New York Gov. Andrew Cuomo has written a letter to U.S. Secretary of State Michael Pompeo, asking the State Department to maintain refugee resettlement sites in Buffalo.
Cuomo says Buffalo's four refugee resettlement agencies need to stay open because they provide critical support to newcomers who are helping revitalize the state's second-largest city.
"Each of these agencies has its own areas of expertise that benefit the entire community, and they work in coordination to best serve the client," Cuomo said. "For example, Jewish Family Service of Buffalo and Erie County is well known for its work with deaf refugees and survivors of torture and trauma, and Journey's End is a recognized expert in providing legal immigration services and specialized education services to clients. Similarly, the International Institute of Buffalo provides critical services to trafficking and domestic violence victims, and Catholic Charities of Buffalo has spearheaded multiple training programs with local employers."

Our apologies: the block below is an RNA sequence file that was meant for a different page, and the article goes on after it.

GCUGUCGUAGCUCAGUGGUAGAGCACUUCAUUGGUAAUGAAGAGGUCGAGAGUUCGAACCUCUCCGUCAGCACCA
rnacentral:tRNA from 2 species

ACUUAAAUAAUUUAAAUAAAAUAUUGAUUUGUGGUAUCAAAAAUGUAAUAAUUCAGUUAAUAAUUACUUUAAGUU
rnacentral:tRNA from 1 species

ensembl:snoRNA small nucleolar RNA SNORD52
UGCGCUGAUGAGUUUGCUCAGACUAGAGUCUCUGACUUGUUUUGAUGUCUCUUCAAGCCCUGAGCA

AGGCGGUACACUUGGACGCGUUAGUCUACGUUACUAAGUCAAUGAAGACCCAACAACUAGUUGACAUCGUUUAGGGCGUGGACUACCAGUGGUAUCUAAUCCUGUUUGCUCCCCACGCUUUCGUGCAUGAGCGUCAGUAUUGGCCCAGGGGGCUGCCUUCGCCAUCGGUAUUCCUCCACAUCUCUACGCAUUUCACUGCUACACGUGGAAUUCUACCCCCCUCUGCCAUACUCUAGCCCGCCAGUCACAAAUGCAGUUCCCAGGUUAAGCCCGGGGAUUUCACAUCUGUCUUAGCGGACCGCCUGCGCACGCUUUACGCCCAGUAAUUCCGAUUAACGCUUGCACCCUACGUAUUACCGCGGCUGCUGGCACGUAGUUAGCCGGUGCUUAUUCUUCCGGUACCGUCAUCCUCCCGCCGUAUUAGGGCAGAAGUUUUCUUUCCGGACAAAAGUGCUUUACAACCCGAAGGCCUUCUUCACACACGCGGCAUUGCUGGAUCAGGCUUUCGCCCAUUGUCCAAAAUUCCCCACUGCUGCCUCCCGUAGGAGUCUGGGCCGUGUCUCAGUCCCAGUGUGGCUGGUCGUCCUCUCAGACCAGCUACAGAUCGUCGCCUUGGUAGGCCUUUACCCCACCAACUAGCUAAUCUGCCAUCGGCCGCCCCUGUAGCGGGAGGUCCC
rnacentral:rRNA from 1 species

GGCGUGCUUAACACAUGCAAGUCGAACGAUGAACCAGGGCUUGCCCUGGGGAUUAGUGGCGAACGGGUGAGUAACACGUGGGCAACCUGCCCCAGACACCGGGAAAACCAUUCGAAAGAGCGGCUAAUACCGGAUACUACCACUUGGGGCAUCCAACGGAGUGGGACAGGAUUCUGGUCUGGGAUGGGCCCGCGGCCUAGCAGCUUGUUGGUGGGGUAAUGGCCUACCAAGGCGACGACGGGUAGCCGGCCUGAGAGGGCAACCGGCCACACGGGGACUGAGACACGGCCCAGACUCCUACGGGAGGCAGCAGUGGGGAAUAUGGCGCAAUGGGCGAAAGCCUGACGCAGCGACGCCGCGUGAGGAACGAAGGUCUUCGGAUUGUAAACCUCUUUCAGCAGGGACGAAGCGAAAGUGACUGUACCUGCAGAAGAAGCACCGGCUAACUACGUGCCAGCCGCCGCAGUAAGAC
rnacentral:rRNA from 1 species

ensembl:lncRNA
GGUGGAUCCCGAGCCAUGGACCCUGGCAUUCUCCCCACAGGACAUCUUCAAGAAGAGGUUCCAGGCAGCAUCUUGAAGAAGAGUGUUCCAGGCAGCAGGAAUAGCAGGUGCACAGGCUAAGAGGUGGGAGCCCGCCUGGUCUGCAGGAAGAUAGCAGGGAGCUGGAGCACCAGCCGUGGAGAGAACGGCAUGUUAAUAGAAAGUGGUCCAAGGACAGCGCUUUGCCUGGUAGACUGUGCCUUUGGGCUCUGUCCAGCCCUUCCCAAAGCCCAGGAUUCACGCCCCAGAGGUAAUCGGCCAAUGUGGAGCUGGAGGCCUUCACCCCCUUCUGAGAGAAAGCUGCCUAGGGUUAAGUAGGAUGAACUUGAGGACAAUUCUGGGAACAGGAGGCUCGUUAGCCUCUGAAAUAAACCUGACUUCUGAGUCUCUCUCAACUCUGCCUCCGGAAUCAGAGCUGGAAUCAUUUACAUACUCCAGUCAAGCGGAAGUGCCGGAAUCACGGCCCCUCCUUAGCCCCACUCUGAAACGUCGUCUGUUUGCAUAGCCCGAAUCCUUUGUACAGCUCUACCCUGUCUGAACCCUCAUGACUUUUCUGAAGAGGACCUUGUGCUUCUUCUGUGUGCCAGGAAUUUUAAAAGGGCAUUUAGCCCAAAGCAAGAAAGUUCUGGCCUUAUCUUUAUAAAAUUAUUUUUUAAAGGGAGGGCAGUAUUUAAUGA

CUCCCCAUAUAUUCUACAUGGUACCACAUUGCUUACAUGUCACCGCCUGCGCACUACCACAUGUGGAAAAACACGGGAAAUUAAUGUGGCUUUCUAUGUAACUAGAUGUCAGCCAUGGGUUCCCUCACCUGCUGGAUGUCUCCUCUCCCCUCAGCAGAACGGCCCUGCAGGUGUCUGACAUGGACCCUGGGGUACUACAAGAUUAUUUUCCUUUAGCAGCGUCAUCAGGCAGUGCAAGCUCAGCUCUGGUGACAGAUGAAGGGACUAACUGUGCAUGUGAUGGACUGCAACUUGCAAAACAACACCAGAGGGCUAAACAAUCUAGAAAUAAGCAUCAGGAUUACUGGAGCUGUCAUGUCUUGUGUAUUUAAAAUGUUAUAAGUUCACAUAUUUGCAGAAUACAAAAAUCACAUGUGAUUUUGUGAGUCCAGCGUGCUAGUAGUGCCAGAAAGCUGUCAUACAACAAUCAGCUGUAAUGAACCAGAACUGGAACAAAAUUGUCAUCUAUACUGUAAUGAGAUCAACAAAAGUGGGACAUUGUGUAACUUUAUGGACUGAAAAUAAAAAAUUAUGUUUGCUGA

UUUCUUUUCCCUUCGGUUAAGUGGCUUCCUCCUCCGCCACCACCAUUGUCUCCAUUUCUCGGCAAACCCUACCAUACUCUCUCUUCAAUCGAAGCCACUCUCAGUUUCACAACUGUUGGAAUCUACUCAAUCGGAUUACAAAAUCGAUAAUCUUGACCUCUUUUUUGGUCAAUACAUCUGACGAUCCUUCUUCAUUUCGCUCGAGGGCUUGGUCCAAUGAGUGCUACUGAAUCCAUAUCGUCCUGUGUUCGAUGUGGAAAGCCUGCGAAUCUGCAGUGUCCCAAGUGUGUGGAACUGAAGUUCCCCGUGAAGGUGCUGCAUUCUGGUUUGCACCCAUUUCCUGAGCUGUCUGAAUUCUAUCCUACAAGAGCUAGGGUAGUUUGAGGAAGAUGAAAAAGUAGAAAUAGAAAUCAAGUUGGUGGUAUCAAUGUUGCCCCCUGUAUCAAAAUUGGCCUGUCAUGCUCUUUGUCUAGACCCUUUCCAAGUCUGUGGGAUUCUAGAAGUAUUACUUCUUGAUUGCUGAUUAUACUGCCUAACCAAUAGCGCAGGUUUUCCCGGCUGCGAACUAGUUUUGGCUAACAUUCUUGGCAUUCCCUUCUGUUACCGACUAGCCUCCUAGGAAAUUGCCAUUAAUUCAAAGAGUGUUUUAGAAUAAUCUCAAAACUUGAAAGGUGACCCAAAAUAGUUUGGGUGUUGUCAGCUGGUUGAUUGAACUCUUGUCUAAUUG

Cuomo says refugees and the broader community will be at a distinct disadvantage if these services are no longer available.
Pompeo's agency lowered the national refugee cap this year to 30,000. With fewer refugees coming in nationwide, Cuomo says the State Department is considering reducing the number of private resettlement agencies in Buffalo.
More than 12,000 refugees arrived in the Buffalo area in 10 years. They have settled in empty homes, filled jobs at hotels, restaurants and factories and have helped slow decades of population losses.
There was no immediate response from the State Department.